Illinois State Library

Illinois Center for the Book


Individual Author Record

General Information

Name:  Carl Smith  

Pen Name: None

Genre: Non-Fiction

Born:

Sites:

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Illinois Connection

Smith is a professor at Northwestern University in Evanston.

Biographical and Professional Information

Carl Smith is the Franklyn Bliss Snyder Professor of English and American Studies and professor of history at Northwestern University. In collaboration with Academic and Research Technologies at Northwestern and the Chicago History Museum, he is author/curator of two major online exhibitions, The Great Chicago Fire and the Web of Memory and The Dramas of Haymarket. He is one of the founders of the Program in American Studies at Northwestern, which he has served multiple times as director or associate director. In 1994 he was named Charles Deering McCormick Professor of Teaching Excellence at Northwestern.


Published Works Expand for more information


Titles At Your Library

Chicago and the American Literary Imagination, 1880-1920
ISBN: 0226763722

Univ of Chicago Pr. 1984

Combines literary study with social and intellectual history. 232 pages. University of Chicago Press, 1984. Paperback.

Urban Disorder and the Shape of Belief: The Great Chicago Fire, the Haymarket Bomb, and the Model Town of Pullman
ISBN: 0226764176

University Of Chicago Press. 1996

The Great Chicago Fire of 1871, the Haymarket bombing of 1886, and the making and unmaking of the model town of Pullman—these remarkable events in what many considered the quintessential American city forced people across the country to confront the disorder that seemed inevitably to accompany urban growth and social change. In this book, Carl Smith explores the imaginative dimensions of these events as he traces the evolution of beliefs that increasingly linked city, disorder, and social reality in the minds of Americans. Studying a remarkable range of writings and illustrations, as well as protests, public gatherings, trials, hearings, and urban reform and construction efforts, Smith argues that these three events—and the public awareness of the them—not only informed one another, but collectively shaped how Americans saw, and continue to see, the city.

The Plan of Chicago: Daniel Burnham and the Remaking of the American City (Chicago Visions and Revisions)
ISBN: 0226764710

University of Chicago Press. 2006

Arguably the most influential document in the history of urban planning, Daniel Burnham’s 1909 Plan of Chicago, coauthored by Edward Bennett and produced in collaboration with the Commercial Club of Chicago, proposed many of the city’s most distinctive features, including its lakefront parks and roadways, the Magnificent Mile, and Navy Pier. Carl Smith’s fascinating history reveals the Plan’s central role in shaping the ways people envision the cityscape and urban life itself.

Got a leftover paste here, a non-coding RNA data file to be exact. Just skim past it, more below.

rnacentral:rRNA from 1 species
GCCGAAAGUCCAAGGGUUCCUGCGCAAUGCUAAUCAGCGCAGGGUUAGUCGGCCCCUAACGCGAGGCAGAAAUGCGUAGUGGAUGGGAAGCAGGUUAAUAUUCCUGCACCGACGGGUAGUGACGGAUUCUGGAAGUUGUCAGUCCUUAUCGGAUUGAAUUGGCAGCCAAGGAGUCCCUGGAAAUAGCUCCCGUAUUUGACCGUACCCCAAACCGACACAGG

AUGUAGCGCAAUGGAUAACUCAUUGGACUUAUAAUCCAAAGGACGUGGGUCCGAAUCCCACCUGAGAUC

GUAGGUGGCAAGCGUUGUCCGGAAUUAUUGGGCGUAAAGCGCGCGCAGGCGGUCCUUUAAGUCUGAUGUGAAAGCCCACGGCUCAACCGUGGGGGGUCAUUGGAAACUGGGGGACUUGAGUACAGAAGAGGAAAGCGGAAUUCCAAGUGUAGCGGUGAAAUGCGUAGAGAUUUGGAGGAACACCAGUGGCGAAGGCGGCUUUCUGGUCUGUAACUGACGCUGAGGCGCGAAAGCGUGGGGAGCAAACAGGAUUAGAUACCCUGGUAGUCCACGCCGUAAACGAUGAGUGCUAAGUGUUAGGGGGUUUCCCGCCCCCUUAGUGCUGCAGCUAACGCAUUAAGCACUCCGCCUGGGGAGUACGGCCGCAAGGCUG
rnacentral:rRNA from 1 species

Smith’s concise and accessible narrative begins with a survey of Chicago’s stunning rise from a tiny frontier settlement to the nation’s second-largest city. He then offers an illuminating exploration of the Plan’s creation and reveals how it embodies the renowned architect’s belief that cities can and must be remade for the better. The Plan defined the City Beautiful movement and was the first comprehensive attempt to reimagine a major American city. Smith points out the ways the Plan continues to influence debates, even a century after its publication, about how to create a vibrant and habitable

urban environment.



Richly illustrated and incisively written, his insightful book will be indispensable to our understanding of Chicago, Daniel Burnham, and the emergence of the modern city.

City Water, City Life: Water and the Infrastructure of Ideas in Urbanizing Philadelphia, Boston, and Chicago
ISBN: 022615159X

University of Chicago Press. 2014

A city is more than a massing of citizens, a layout of buildings and streets, or an arrangement of political, economic, and social institutions. It is also an infrastructure of ideas that are a support for the beliefs, values, and aspirations of the people who created the city. In City Water, City Life, celebrated historian Carl Smith explores this concept through an insightful examination of the development of the first successful waterworks systems in Philadelphia, Boston, and Chicago between the 1790s and the 1860s. By examining the place of water in the nineteenth-century consciousness, Smith illuminates how city dwellers perceived themselves during the great age of American urbanization.

But City Water, City Life is more than a history of urbanization.

It is also a refreshing meditation on water as a necessity, as a resource for commerce and industry, and as an essential—and central—part of how we define our civilization.



Awards

-- Urban Disorder and the Shape of Belief: The Great Chicago Fire, the Haymarket Bomb, and the Model Town of Pullman,

Best Book in North American Urban History by the Urban History AssociationThe Plan of Chicago: Daniel Burnham and the Remaking of the American City

Lewis Mumford Prize for Best Book in American Planning History by the Society for American City and Regional Planning HistoryOne Book, One Chicago Fall 2009 by the Chicago Public Library